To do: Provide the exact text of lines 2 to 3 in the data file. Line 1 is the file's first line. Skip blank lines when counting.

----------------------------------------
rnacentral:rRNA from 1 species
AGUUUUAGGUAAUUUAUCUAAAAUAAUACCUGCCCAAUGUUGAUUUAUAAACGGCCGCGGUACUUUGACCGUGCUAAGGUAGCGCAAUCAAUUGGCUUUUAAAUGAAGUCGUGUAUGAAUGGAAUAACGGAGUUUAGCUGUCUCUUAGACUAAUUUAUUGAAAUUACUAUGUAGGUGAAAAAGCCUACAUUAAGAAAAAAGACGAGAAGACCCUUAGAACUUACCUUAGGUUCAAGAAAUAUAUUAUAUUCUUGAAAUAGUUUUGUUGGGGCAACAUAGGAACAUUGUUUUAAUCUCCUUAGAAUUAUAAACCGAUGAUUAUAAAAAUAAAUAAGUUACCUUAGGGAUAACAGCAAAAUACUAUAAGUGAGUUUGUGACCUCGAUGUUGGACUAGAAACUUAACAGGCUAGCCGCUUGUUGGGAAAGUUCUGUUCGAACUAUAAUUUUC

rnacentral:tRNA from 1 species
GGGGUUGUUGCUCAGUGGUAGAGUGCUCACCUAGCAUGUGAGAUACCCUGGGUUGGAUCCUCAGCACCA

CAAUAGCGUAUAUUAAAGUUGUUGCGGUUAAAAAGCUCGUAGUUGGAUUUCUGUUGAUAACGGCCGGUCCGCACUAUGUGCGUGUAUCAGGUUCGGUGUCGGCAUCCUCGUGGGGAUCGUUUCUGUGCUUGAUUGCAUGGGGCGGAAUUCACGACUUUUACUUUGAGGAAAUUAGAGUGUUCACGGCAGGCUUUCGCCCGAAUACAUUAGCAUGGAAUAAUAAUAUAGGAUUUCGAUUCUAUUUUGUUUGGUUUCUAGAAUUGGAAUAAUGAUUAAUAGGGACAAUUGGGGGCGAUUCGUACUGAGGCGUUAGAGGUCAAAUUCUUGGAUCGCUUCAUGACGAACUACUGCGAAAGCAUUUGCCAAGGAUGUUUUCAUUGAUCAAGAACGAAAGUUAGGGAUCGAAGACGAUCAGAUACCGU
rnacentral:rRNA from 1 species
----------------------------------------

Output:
AGUUUUAGGUAAUUUAUCUAAAAUAAUACCUGCCCAAUGUUGAUUUAUAAACGGCCGCGGUACUUUGACCGUGCUAAGGUAGCGCAAUCAAUUGGCUUUUAAAUGAAGUCGUGUAUGAAUGGAAUAACGGAGUUUAGCUGUCUCUUAGACUAAUUUAUUGAAAUUACUAUGUAGGUGAAAAAGCCUACAUUAAGAAAAAAGACGAGAAGACCCUUAGAACUUACCUUAGGUUCAAGAAAUAUAUUAUAUUCUUGAAAUAGUUUUGUUGGGGCAACAUAGGAACAUUGUUUUAAUCUCCUUAGAAUUAUAAACCGAUGAUUAUAAAAAUAAAUAAGUUACCUUAGGGAUAACAGCAAAAUACUAUAAGUGAGUUUGUGACCUCGAUGUUGGACUAGAAACUUAACAGGCUAGCCGCUUGUUGGGAAAGUUCUGUUCGAACUAUAAUUUUC

rnacentral:tRNA from 1 species